AKA Demoni 3 Director: Umberto Lenzi Starring:Keith Van Hoven, Joe Balogh, Sonia Curtis, Philip Murray, Juliana Teixeira, Maria Alves, Clea Simones .Italy/Brazil. 1h 28m
With a host of amazing titles under his belt already, from Giallo, Poliziotteschi, horror and gore, Lenzi struggled to make such an equal impact as Cannibal Ferox, Almost Human and Nightmare City in his 90’s Voodoo romp Black Demons. Originally titled as Demoni 3, with the anticipation of being a third in the Lamberto Bava’s series the movie has very little to do with the cult series.
What starts out not a million miles away from any other Voodoo based zombie story, an accidental uttering of a n ancient curse in a foreign tongue results in the undead coming back to life to prey on the living. But is this the first undead race war? Usually zombies don’t see color, even though this sketch does suggest something to the contrary.
Director: David Blue Garcia Starring: Mark Burnham, Elsie Fisher, Owlen Fouere, Neil Hudson Sarah Yarkin, Jacob Latiore, Moe Dunford. USA. 1h 21m
I wasn’t aware that we needed another addition to this blood soaked series but it seems that coming out of a pandemic we just might need some fun chainsaw fun time again. The brilliance is that this isn’t a remake, a reboot or a re-imagined mish mash of horror pulp and a genuine attempt to revisit a dusty town has been achieved although with all the tropes, cliches and homages, was it really worth the effort?
Director: Anthony DiBlasi Starring: Juliana Harkavy, Natalie Victoria, J LaRose, Joshua Mikel. USA. 1h 30m
Just when you thought it was safe enough to guard an abandoned prison during the graveyard shift… There’s something about The Last Shift which really resonates with horror fanatics. A simple story which is the ultimate setting for a horror story is amped up with good old fashioned ghostly atmospherics and relies on practical effects, this is what the fans cry out for constantly and when it’s delivered it’s welcomed with open creepy arms!
Jessica (Harkavy) is left to her own devices while guarding a local empty and highly haunted prison during the night shift. and the night becomes a roller coaster of jump scares, poltergeist activity and moving family revelations.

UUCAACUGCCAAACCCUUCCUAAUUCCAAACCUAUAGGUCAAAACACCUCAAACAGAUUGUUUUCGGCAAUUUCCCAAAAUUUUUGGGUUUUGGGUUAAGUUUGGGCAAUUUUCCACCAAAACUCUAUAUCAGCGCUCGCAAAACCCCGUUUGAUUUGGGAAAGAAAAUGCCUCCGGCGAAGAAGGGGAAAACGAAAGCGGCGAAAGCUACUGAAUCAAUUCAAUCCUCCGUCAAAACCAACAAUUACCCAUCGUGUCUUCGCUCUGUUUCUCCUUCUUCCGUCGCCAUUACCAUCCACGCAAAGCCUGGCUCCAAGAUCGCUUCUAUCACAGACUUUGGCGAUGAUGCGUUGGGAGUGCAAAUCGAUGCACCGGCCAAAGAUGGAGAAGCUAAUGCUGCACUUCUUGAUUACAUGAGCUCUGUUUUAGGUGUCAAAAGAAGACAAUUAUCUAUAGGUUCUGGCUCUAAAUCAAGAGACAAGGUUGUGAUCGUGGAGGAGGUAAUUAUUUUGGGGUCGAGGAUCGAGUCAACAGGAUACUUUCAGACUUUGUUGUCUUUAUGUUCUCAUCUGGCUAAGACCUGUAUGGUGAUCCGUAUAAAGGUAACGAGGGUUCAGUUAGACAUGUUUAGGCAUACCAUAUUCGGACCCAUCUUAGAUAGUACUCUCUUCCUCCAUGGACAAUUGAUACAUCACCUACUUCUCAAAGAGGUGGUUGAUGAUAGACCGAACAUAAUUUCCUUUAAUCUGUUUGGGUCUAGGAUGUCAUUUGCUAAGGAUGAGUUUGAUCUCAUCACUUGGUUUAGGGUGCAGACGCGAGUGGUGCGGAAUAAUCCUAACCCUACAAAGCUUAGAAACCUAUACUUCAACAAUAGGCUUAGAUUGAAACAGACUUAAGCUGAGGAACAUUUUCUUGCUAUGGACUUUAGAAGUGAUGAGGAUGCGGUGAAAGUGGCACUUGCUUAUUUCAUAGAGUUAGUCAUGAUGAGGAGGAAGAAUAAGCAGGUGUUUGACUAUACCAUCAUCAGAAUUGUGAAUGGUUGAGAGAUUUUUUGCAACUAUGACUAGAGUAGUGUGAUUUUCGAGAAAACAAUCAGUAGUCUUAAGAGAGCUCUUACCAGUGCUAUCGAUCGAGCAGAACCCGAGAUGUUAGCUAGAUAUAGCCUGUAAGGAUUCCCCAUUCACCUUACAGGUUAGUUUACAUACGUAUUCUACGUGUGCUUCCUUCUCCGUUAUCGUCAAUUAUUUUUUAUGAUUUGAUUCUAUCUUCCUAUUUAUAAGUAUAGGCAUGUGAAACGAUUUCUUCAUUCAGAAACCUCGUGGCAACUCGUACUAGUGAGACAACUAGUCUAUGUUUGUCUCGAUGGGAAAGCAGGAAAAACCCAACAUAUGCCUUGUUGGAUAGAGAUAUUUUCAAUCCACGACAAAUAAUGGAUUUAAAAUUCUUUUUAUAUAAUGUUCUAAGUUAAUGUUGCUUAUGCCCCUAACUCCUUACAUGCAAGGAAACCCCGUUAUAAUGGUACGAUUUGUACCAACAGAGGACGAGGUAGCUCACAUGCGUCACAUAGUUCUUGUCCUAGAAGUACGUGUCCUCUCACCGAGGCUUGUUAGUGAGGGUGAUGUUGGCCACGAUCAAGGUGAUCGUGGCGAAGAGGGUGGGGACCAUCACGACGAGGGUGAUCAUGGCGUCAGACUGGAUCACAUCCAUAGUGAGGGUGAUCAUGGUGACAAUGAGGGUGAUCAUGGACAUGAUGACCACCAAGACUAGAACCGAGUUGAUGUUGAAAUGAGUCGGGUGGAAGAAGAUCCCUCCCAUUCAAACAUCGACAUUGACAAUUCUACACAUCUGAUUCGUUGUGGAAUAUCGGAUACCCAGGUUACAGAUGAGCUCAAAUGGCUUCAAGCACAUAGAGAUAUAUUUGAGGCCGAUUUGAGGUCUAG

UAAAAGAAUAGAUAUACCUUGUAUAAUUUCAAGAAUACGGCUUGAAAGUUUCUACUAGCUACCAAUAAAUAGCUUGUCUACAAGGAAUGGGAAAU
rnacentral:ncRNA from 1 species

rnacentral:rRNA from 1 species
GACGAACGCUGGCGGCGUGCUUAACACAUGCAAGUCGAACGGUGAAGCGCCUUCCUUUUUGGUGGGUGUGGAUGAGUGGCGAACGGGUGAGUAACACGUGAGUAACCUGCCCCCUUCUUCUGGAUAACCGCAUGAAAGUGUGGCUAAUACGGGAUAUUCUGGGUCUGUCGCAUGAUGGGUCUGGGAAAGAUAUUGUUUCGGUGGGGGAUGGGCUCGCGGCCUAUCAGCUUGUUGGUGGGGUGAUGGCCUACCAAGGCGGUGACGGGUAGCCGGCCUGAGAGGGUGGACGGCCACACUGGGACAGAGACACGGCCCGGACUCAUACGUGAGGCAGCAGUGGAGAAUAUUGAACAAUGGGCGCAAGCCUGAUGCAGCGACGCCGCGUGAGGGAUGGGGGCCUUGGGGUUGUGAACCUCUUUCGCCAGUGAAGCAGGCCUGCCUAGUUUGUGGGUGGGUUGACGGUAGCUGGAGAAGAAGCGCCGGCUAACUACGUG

Like a rare and obscure borja wine, the history of Yoshihiko Matsui’s film making is sporadic but filled with really unusual gems, with themes of suicide, the understanding of love blended with cannibalism and genuine strange behavior you’ll always know who you”re watching and often question why you’re still watching. For me this unreal expression is one of the blessings of cinema, seeing something genuinely new that is al altered, heightened sense of the world around you. At times you’ll almost be able to feel Matsui’s message through the combination of imagery, a feeling of an idea that doesn’t need language for expression, or you might be left scratching your head wondering what the hell is going on.
Director: David Amito, Michael Laicini Starring: Nicole Tompkins, Rowan Smyth. Canada. 1h 35m
I have to admit that before seeing Antrim I had no idea what the word actually meant so I did have to Google it. Turns out that it means, “A nearly closed cavity or chamber…” Well ok, How does one make a movie about a nearly closed cavity? Somehow directors, David Amito and Michael Laicini managed to turn this notion into a retro cursed movie project and argue that the film is (loosely) based on a movie by David B. Earle titled Dining Room or There is Nothing. Believe it or not if you have ever seen any of the creepy movie compilations on YouTube then you probably have seen this short but were unaware of its title, and here is the movie in all of its esoteric glory.